You can’t also talk about a road trip in a vehicle like the Suburban without discussing the interior space. As mentioned five adults were incredibly comfortable in all seats, even the third row. On a break from driving, I jumped into the third row to take a nap and was able to lie down (in fetal position) and get some much-needed sleep. A previous vehicle we took on a similar trip (the Kia Carnival) had a very hard and uncomfortable third row. So it was a relief to have more comfort.

Additionally perhaps the most impressive statistic is 41.5 – as in the cubic feet of cargo room behind the third row. We had that area stacked and packed to the roofline with suitcases, coolers and everything else needed for a weeklong beach vacation. And we were pleasantly surprised when everything fit (barely). The cargo area expands to 93.8 cubic with the third row folded (not possible for us) and 144.7 cubic feet with all rear seats folded.

Another nice perk was the rear-seat entertainment system, which allowed my daughter’s gaming boyfriend to plug in his Nintendo Switch and play games while projecting on the display mounted on the back of the passenger seat. It was a great feature for all families. Plus Chevy’s infotainment system is intuitive and offers numerous plugs for smartphones as well as USB ports for charging, even in the third row. It helps placate all passengers to ensure their devices are charged and not everyone has to listen to Mom and Dad’s music, although my music is awesome!

With a base price of $68,800, it felt priced right. With additional packages, including the aforementioned rear-seat entertainment system, my tester had a final MSRP of $79,370. The Suburban is made in Texas where the motto is everything is bigger in Texas and that’s certainly apropos for the Suburban.

I want to thank Chevy for allowing me to take this Suburban on such a journey. It was truly the perfect vehicle for my family vacation and it did a great job. I can certainly say I had plenty of road time on it and put as many miles as I’ve ever put on a vehicle. And all those miles reveal one thing loud and clear: There’s a reason the Suburban has been around for so long. It’s an ideal family vehicle.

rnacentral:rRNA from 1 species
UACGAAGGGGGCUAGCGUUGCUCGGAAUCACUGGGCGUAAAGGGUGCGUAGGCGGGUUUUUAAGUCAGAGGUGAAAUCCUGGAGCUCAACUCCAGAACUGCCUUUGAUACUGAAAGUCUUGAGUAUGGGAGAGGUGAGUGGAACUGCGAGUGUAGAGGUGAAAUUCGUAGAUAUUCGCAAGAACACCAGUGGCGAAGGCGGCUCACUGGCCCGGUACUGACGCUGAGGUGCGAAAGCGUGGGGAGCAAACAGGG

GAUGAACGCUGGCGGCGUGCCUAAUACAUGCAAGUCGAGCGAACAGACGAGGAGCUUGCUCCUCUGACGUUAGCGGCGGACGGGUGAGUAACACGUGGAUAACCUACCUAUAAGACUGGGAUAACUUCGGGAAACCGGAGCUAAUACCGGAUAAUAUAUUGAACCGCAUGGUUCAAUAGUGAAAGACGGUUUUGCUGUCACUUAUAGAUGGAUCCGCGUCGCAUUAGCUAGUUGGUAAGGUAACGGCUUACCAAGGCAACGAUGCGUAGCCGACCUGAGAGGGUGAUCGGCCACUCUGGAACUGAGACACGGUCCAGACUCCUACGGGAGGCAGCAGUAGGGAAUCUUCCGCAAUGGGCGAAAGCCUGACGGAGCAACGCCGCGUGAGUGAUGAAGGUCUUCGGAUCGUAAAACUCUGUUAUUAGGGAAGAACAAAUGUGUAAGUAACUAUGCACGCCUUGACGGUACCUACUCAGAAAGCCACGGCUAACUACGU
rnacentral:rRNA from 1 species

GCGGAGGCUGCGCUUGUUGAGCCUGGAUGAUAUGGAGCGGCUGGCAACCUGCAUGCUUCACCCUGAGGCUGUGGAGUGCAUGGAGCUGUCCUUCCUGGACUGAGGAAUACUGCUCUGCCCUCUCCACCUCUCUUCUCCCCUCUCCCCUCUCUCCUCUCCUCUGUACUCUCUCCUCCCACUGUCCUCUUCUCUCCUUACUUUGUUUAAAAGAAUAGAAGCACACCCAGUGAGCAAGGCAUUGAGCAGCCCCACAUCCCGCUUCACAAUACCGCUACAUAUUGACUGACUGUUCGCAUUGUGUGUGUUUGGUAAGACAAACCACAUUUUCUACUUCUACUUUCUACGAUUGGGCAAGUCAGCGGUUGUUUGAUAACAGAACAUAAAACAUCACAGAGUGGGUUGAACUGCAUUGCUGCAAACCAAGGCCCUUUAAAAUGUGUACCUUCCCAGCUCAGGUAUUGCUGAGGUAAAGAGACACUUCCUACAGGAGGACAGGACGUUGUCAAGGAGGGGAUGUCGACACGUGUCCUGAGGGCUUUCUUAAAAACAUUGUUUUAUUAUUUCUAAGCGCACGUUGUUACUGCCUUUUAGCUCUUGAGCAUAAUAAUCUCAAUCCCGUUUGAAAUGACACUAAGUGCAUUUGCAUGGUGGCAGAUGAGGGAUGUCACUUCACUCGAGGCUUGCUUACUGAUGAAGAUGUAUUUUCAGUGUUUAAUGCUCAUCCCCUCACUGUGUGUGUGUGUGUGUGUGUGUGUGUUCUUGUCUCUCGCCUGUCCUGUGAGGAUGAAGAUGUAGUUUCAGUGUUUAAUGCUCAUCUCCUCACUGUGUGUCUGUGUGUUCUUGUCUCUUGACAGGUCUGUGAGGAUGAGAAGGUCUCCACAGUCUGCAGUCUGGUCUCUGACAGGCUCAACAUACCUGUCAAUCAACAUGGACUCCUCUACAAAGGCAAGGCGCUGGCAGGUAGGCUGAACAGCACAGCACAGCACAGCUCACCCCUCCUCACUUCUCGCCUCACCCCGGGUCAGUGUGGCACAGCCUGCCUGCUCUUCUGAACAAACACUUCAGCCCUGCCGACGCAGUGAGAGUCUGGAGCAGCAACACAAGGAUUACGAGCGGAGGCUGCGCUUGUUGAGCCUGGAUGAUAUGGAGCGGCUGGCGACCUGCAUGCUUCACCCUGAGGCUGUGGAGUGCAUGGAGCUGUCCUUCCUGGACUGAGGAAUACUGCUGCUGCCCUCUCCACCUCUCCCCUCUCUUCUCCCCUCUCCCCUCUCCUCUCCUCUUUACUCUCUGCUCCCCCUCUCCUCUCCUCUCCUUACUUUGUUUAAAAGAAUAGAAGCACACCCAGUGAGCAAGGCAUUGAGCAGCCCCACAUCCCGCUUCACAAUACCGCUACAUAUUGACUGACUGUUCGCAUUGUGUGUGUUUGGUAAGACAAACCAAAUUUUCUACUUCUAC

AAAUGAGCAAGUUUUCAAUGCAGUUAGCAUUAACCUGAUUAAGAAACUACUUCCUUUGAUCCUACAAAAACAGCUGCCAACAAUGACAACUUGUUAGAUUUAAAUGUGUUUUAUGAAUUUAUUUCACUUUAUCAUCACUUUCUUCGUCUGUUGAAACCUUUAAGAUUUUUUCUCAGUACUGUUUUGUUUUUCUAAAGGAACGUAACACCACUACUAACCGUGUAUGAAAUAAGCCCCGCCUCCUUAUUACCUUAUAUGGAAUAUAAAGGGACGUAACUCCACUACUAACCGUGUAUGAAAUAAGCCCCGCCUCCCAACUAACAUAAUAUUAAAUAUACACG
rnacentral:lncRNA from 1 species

Jimmy Dinsmore is a freelance automotive journalist. Email him at jimmydinsmore73@gmail.com. Follow him on Twitter @driversside

2022 Chevy Suburban 4WD Premier

Price/As tested price................................................ $68,800/$79,730

Mileage.......................................... 14 mpg/city; 19 mpg/hwy

Engine............................................. 6.2-liter V8

Horsepower................................. 420 hp/460 lbs./ft.

Transmission................................. 10-speed automatic

Drive Wheels................ Four-wheel drive

Final Assembly Point................ Arlington, TX

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On looks, the Suburban still has that high-end vibe. The big look of this Chevrolet SUV doesn’t try to disguise itself. Contributed by Jimmy Dinsmore

On looks, the Suburban still has that high-end vibe. The big look of this Chevrolet SUV doesn’t try to disguise itself. Contributed by Jimmy Dinsmore

Combined ShapeCaption
On looks, the Suburban still has that high-end vibe. The big look of this Chevrolet SUV doesn’t try to disguise itself. Contributed by Jimmy Dinsmore

Combined ShapeCaption
Chevy’s infotainment system is intuitive and offers numerous plugs for smartphones as well as USB ports for charging, even in the third row. Contributed by Jimmy Dinsmore

Chevy’s infotainment system is intuitive and offers numerous plugs for smartphones as well as USB ports for charging, even in the third row.  Contributed by Jimmy Dinsmore

Combined ShapeCaption
Chevy’s infotainment system is intuitive and offers numerous plugs for smartphones as well as USB ports for charging, even in the third row. Contributed by Jimmy Dinsmore

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The pass-through between the captain’s seats in the second row was an easy passageway for the dogs. Contributed by Jimmy Dinsmore

The pass-through between the captain’s seats in the second row was an easy passageway for the dogs. Contributed by Jimmy Dinsmore

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The pass-through between the captain’s seats in the second row was an easy passageway for the dogs. Contributed by Jimmy Dinsmore